Editorial Introduction: Foundations For Baptist Doctrines & Distinctives -- By: Steve W. Lemke
JBTM 6:1 (Spring 2009) p. 3
Editorial Introduction: Foundations For Baptist Doctrines & Distinctives
Baptists are evangelicals, but not all evangelicals are Baptists. Baptists have different views from other evangelical groups on some doctrinal issues, and sometimes we as Baptists don’t even agree among ourselves. As the old saying goes, listen to four Baptists and you’ll find at least five or six different opinions!
Attention to doctrine and doctrinal distinctives have been a focal part of the mission of the Baptist Center for Theology and Ministry since its inception. This issue of the Journal for Baptist Theology and Ministry deals with three clusters of foundational doctrinal issues of interest to Baptists. Some of these issues define Baptists in differentiation from other evangelical groups, while on some other issues there is a range of disagreement among Baptists.
The first section of this edition of the Journal focuses on the church ordinances of baptism and the Lord’s Supper. Both of these ordinances are confessional, since they are designed for believers to identify publicly with Jesus Christ. Both ordinances remind the participant of core truths of the Christian life -- the substitutionary atonement of Jesus and the new life that comes through Him. The proper meaning and mode of these ordinances are described in Article VII of the Baptist Faith and Message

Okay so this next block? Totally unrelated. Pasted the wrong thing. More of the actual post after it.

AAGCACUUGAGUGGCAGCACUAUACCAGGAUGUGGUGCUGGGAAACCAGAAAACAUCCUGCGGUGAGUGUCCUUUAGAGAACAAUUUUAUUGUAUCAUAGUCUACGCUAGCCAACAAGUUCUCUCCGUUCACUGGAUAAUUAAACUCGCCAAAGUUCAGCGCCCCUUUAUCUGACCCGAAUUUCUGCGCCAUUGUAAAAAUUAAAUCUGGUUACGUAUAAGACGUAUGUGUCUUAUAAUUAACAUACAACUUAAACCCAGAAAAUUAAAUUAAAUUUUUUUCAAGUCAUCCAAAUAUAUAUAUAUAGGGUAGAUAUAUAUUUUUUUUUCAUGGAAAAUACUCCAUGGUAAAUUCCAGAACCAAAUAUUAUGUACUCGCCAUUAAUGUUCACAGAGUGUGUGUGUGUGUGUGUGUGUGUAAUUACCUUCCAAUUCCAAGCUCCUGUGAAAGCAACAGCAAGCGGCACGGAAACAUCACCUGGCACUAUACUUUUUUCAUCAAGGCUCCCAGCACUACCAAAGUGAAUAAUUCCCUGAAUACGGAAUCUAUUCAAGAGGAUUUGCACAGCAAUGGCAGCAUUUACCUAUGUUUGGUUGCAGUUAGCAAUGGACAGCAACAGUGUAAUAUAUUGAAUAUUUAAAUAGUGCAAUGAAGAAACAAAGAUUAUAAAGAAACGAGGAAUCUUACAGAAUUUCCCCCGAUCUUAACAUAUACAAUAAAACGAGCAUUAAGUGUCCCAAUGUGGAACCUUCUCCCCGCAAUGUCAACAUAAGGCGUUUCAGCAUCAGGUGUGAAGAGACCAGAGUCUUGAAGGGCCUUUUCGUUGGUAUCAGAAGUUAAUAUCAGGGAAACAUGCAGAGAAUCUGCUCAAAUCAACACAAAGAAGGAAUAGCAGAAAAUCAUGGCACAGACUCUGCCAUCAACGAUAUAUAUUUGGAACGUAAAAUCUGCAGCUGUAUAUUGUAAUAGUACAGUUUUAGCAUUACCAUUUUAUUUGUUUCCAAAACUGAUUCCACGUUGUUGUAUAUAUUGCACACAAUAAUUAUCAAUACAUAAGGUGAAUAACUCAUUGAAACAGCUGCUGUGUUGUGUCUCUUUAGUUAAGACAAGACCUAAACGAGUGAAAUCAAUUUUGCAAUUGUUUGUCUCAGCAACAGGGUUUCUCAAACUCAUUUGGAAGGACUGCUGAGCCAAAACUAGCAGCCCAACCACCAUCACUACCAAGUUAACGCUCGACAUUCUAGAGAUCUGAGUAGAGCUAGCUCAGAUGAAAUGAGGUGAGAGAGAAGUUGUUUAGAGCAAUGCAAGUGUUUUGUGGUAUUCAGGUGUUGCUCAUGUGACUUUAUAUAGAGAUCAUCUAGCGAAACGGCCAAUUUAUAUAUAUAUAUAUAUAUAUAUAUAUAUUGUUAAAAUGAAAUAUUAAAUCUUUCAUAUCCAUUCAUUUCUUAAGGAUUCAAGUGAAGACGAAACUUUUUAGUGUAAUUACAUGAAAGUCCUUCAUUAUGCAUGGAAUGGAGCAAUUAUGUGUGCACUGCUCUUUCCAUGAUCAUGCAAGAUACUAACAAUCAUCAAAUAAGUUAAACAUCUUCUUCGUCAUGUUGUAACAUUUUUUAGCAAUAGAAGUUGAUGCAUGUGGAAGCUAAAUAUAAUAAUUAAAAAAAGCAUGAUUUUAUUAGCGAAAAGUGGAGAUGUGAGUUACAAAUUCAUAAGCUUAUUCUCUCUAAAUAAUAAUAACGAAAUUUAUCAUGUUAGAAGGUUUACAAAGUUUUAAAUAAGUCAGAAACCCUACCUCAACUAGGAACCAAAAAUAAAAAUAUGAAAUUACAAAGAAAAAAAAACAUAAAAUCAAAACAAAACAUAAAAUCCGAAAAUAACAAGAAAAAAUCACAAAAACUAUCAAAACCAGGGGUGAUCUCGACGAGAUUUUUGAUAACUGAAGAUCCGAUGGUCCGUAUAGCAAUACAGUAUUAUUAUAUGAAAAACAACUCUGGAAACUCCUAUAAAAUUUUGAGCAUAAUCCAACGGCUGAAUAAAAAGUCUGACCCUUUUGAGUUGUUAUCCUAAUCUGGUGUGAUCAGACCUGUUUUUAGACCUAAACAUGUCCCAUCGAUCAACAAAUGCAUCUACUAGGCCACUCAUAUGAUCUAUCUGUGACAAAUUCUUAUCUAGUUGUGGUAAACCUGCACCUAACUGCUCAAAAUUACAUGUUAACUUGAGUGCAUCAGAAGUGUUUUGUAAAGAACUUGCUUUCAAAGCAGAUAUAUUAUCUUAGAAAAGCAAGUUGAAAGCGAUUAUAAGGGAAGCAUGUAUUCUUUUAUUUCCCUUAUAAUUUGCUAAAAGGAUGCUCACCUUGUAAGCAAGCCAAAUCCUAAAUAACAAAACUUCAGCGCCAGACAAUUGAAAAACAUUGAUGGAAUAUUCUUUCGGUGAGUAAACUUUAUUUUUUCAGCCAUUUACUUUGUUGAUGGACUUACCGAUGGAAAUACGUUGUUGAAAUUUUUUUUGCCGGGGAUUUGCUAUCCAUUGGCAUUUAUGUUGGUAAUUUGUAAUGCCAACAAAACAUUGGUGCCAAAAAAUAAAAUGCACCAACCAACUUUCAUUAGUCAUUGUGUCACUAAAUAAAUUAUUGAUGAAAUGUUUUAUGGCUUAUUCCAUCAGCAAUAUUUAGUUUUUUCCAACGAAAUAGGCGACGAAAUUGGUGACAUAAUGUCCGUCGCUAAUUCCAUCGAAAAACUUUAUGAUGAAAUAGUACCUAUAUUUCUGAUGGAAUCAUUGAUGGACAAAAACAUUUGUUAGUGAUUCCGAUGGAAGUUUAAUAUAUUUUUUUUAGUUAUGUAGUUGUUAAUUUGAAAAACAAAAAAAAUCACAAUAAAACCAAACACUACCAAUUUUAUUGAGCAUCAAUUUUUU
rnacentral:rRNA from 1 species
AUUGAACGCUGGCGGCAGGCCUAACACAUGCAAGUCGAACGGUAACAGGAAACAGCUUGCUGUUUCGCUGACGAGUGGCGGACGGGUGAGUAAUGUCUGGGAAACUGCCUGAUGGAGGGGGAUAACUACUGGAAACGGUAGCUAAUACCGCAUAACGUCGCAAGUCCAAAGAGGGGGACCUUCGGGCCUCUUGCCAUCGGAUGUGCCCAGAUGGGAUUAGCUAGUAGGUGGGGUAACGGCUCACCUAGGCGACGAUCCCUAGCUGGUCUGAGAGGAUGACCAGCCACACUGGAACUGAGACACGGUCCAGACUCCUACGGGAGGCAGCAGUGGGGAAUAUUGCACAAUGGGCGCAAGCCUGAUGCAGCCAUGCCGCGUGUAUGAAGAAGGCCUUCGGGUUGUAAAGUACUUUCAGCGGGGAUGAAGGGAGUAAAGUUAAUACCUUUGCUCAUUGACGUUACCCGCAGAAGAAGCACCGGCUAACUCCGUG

Dr. Rex Butler, Associate Professor of Church History and Patristics at New Orleans Baptist Theological Seminary, contributes the first article on “Sacramentum: Baptismal Practice and the Theology of Tertullian & Cyprian.” Obviously, the practice and teaching of the early church and patristic fathers on baptism is important to the practice and teaching of baptism today. Moving forward a few centuries, Dr. Lloyd Harsch contributes the article entitled, “Were the First Baptists Sacramentalists?” Harsch, who also serves as Associate Professor of Church History at New Orleans Baptist Theological Seminary, compares the beliefs of the early Baptists with those of the Catholic and Reformed churches of that time. One of our doctoral fellows in the Baptist Center for Theology and Ministry, Christopher Black, contributes “Infant Baptism and the Half-Way Covenant.” Black’s article utilizes the compromise within New England Puritanism in the Half-Way Covenant to discuss the role of baptism in church membership. The last article in this section is written b...
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